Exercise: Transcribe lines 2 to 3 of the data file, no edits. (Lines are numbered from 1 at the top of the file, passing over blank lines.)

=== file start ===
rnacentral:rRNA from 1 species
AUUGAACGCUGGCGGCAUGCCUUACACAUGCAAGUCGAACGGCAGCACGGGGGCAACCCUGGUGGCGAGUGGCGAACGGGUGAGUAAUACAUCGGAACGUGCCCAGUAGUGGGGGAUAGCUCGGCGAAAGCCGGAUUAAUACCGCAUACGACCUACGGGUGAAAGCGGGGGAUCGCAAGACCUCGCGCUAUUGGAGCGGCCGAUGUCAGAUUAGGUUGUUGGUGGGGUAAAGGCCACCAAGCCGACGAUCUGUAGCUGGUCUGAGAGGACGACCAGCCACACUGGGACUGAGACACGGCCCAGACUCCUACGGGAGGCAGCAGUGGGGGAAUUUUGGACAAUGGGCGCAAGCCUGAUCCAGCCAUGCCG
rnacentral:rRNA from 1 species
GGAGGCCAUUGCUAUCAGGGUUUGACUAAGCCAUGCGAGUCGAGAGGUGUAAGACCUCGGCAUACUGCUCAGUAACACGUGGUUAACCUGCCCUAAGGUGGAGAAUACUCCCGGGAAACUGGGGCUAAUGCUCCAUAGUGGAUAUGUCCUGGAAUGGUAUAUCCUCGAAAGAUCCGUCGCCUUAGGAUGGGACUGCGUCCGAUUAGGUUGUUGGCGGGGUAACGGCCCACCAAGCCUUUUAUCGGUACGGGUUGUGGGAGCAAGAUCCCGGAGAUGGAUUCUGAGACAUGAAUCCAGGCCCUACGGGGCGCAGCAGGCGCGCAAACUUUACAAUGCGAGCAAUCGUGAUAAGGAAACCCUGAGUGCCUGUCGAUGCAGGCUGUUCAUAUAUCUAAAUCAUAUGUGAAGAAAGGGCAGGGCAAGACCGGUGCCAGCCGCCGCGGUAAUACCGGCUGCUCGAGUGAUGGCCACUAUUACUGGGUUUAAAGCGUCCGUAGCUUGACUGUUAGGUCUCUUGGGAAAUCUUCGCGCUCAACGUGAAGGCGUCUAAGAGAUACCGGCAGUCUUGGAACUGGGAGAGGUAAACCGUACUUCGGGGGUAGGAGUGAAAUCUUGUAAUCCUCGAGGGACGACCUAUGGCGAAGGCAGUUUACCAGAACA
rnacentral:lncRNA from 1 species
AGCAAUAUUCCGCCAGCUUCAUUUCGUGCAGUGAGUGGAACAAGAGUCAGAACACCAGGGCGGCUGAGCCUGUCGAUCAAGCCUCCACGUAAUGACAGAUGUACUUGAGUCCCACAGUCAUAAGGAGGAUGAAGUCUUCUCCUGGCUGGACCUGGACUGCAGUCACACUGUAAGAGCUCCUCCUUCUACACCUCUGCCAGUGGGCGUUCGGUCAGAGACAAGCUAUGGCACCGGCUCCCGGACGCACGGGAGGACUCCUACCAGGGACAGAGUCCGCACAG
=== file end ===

AUUGAACGCUGGCGGCAUGCCUUACACAUGCAAGUCGAACGGCAGCACGGGGGCAACCCUGGUGGCGAGUGGCGAACGGGUGAGUAAUACAUCGGAACGUGCCCAGUAGUGGGGGAUAGCUCGGCGAAAGCCGGAUUAAUACCGCAUACGACCUACGGGUGAAAGCGGGGGAUCGCAAGACCUCGCGCUAUUGGAGCGGCCGAUGUCAGAUUAGGUUGUUGGUGGGGUAAAGGCCACCAAGCCGACGAUCUGUAGCUGGUCUGAGAGGACGACCAGCCACACUGGGACUGAGACACGGCCCAGACUCCUACGGGAGGCAGCAGUGGGGGAAUUUUGGACAAUGGGCGCAAGCCUGAUCCAGCCAUGCCG
rnacentral:rRNA from 1 species